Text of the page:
Andrei Kirilenko has left the Nets, and may not be coming back

Andrei Kirilenko has left the Nets, and may not be coming back

When versatile forward Andrei Kirilenko took what felt like a massive pay cut to join the Brooklyn Nets in 2013, many cried shenanigans. AK had just come off of a very good year with the Minnesota Timberwolves, and he was a few weeks removed from declining the option on the second year of his two-year contract that would have paid him $10 million to stay in Minnesota during 2013-14. When Kirilenko signed for nearly $7 million less per year to play with the Nets, most rightfully assumed that the Mikhail Prokhorov-owned team had sneakily provided him with a cruise ship or two that would stay docked until his two-year, $6.5 million contract ran out.

Sadly, it appears as if AK might be headed toward those calmer waters midseason, because he could be finished with the Nets. The team announced on Friday that Andrei would stay behind on the team’s road trip …

… and that coach Lionel Hollins wasn’t aware if the former All-Star would ever be back:

And the Nets?

Which is all a bit of a bummer. Here’s what Kirilenko had to say about his previous role in the team’s rotation after sitting out on Wednesday night:

Kirilenko said Hollins has been open with him about his decision to leave him out of the rotation.

“I really appreciate it,” Kirilenko said, “but it doesn’t make things easier.”

When asked if he was healthy, Kirilenko said: “I feel fine.”

When asked what he thought he had to do in order to get back into Hollins’ rotation, he admitted: “I have no idea.”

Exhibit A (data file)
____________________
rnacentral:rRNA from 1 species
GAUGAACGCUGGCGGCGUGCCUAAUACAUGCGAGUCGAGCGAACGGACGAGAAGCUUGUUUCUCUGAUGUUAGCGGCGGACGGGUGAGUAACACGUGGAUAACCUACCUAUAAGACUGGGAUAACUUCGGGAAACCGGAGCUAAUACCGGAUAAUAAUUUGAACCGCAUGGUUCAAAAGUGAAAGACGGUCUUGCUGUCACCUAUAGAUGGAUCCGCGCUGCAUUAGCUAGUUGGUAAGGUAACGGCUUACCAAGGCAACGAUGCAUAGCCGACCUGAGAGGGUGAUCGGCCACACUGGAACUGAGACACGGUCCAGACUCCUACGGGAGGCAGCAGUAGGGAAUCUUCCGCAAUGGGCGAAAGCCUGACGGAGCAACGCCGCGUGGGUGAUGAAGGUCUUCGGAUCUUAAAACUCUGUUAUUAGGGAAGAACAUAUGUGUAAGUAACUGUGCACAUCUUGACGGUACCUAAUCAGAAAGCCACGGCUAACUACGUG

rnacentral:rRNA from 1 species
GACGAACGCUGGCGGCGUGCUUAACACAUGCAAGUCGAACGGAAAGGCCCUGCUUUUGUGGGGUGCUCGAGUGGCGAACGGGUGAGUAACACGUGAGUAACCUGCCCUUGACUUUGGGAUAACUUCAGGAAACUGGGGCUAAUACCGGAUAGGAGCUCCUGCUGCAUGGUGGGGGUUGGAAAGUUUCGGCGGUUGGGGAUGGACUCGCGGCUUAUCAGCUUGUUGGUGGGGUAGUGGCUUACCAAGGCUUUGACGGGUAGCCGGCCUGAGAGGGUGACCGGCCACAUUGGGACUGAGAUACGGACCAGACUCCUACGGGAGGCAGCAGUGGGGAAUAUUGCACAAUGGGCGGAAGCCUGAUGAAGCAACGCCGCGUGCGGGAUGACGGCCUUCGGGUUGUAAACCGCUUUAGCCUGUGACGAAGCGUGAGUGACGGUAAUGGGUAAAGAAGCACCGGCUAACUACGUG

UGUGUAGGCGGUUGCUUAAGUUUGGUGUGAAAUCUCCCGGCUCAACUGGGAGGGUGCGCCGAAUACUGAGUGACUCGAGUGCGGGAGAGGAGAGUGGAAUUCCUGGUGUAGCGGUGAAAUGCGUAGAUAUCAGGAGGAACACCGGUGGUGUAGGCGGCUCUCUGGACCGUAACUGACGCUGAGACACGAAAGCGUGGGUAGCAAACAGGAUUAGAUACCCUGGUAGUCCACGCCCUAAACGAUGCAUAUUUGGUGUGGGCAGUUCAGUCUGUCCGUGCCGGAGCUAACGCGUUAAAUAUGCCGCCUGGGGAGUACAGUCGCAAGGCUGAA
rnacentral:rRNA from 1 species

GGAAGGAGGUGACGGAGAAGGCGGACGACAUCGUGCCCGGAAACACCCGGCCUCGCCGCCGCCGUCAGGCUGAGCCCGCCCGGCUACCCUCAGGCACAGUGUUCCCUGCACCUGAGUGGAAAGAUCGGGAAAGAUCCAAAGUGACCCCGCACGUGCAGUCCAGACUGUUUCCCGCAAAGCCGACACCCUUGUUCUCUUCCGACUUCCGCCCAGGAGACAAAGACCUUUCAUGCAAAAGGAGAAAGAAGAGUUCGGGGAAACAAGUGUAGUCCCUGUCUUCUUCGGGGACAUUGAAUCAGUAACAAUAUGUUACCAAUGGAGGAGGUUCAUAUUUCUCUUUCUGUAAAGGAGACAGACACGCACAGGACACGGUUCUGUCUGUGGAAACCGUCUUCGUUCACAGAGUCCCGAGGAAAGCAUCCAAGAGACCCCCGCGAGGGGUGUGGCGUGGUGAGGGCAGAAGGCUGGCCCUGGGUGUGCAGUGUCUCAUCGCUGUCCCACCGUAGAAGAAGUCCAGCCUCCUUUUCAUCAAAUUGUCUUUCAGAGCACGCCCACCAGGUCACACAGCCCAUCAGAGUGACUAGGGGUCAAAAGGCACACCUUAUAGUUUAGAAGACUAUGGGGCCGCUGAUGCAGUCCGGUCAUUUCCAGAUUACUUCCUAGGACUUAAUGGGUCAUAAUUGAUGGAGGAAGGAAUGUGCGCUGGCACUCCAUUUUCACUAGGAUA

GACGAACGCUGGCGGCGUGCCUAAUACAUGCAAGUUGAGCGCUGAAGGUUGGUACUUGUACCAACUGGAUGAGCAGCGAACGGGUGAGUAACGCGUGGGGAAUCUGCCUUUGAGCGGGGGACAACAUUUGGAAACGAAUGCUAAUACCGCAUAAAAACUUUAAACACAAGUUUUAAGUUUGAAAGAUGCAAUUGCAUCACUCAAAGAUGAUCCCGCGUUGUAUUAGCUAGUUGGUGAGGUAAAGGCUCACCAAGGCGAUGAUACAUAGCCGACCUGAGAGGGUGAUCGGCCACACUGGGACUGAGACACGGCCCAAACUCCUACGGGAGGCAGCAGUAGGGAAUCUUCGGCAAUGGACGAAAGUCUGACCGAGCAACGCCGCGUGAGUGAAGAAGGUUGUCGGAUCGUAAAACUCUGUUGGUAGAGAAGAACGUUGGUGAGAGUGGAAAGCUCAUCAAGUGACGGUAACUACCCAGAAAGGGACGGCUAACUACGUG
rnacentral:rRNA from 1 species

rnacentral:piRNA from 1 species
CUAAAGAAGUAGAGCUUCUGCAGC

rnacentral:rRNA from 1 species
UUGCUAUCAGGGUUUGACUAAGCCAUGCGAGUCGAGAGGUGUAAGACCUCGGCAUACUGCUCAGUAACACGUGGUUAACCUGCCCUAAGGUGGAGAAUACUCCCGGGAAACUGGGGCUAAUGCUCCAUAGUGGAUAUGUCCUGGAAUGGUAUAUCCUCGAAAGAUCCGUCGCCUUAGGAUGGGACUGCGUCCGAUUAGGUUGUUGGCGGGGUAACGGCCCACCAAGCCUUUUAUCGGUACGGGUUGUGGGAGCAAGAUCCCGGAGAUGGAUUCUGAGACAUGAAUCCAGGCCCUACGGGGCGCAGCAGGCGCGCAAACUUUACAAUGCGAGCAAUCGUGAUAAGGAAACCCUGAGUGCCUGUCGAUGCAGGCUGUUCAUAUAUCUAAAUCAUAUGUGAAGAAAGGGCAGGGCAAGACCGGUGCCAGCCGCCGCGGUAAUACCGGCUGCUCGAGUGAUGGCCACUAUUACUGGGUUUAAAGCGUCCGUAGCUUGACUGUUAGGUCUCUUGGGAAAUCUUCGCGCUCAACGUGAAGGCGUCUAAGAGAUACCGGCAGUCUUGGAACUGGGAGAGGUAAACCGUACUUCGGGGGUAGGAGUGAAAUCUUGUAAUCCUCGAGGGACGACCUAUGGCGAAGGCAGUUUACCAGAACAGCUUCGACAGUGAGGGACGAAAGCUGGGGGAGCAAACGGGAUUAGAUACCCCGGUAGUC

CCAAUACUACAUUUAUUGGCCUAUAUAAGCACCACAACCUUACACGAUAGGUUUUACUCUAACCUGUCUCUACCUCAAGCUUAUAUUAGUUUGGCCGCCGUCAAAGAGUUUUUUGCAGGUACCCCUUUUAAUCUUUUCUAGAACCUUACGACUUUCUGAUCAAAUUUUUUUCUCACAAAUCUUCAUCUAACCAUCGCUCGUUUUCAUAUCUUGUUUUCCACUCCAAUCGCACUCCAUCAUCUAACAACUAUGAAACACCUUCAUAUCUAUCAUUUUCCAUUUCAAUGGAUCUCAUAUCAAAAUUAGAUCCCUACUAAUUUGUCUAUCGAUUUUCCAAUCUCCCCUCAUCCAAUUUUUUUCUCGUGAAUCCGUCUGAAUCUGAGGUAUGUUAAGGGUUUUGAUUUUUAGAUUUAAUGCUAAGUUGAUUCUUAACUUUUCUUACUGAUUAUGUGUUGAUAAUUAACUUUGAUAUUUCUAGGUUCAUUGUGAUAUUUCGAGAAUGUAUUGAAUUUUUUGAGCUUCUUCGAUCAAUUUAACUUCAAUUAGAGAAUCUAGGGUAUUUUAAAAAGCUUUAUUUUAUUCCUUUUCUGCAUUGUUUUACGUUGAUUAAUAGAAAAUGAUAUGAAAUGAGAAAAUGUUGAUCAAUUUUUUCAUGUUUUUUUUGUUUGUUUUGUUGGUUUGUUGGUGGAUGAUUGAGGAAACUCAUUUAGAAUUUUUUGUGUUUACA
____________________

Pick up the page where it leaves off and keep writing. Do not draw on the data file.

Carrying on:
Andrei struggled to overcome a back injury in his first year with the Nets last season, but he was rather competent while on the court. This season, however, has been a disaster – AK has missed all five of his shot attempts from the field, spread out over 36 minutes and seven games. He’s pulled in eight rebounds and managed to make three free throws, but so far his accumulated single game as a member of the 2014-15 Nets has been a bit of a miss. All while purportedly working with a healthy frame.

Kirilenko will turn 34 in February, and though he once was a high flyer his game still figured to likely age well, but the steep drop-off is troubling. AK has battled back troubles for a decade now, starting when Utah’s acquisition of Carlos Boozer (and Kirilenko’s subsequent move down to the small forward position) sort of knocked him out of his comfort zone. Last season was injury-plagued and turnover-laden, and now it’s very possible we’ve seen him play his final game with the Nets.

Hopefully it isn’t the final game we’ll ever see him play. Kirilenko spent the 2011-12 season playing in Moscow, and at his relatively young age there’s always a chance he could work well into his 30s back home. It would be nice to see AK, so full of promise as an all-around terror for many very good Utah Jazz teams, go out on better terms. Being essentially cut from a 4-7 team featuring a middling offense and very poor defense is no way to go out.

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Kelly Dwyer

is an editor for Ball Don't Lie on Yahoo Sports. Have a tip? Email him at KDonhoops@yahoo.com or follow him on Twitter!